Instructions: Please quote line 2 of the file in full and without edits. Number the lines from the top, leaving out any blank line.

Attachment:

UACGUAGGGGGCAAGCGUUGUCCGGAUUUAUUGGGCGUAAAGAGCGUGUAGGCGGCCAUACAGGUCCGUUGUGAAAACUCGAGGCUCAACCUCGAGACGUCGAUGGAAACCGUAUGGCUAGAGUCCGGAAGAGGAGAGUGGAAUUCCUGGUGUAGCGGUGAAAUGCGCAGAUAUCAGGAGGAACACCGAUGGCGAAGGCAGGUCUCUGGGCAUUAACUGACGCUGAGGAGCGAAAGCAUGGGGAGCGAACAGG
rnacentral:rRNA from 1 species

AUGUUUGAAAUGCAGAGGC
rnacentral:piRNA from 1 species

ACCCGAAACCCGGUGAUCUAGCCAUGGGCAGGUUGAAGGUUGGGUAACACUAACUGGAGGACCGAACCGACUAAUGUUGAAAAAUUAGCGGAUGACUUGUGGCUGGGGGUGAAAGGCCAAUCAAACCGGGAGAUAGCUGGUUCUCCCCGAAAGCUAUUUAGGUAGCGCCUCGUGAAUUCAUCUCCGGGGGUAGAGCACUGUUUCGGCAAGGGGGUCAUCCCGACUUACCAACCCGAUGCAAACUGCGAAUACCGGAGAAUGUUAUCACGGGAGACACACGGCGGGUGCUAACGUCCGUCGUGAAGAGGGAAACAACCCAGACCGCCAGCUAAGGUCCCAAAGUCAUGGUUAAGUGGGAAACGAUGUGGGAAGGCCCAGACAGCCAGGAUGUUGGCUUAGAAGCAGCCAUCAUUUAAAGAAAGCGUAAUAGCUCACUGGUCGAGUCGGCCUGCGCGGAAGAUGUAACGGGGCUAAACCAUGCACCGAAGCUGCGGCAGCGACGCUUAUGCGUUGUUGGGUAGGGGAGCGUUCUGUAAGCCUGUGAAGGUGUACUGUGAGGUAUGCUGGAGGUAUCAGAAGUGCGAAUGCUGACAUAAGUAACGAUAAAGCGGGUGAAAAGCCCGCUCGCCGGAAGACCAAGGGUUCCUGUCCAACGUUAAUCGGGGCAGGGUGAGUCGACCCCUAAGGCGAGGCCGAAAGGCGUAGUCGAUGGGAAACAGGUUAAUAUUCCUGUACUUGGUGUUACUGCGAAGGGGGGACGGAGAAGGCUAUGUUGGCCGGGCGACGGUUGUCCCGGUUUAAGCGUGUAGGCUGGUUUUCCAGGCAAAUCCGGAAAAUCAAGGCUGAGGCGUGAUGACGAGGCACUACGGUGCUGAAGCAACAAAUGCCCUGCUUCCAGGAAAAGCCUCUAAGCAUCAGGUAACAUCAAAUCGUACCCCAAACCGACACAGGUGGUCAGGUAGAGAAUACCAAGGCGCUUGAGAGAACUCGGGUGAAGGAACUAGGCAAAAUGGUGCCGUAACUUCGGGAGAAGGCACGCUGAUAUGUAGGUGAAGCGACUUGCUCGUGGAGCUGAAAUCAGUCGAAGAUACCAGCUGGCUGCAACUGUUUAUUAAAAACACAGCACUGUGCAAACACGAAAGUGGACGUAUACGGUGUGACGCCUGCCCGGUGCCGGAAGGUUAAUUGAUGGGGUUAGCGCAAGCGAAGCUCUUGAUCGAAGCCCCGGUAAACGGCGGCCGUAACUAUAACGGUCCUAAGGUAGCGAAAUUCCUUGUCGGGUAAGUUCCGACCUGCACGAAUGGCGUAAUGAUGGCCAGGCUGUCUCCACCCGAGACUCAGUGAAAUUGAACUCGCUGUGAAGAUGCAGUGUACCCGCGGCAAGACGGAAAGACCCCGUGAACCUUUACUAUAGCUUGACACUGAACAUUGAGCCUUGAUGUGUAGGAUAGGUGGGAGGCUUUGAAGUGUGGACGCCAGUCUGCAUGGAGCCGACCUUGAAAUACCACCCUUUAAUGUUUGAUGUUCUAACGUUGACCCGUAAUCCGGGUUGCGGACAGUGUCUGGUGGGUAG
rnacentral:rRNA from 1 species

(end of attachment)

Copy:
rnacentral:rRNA from 1 species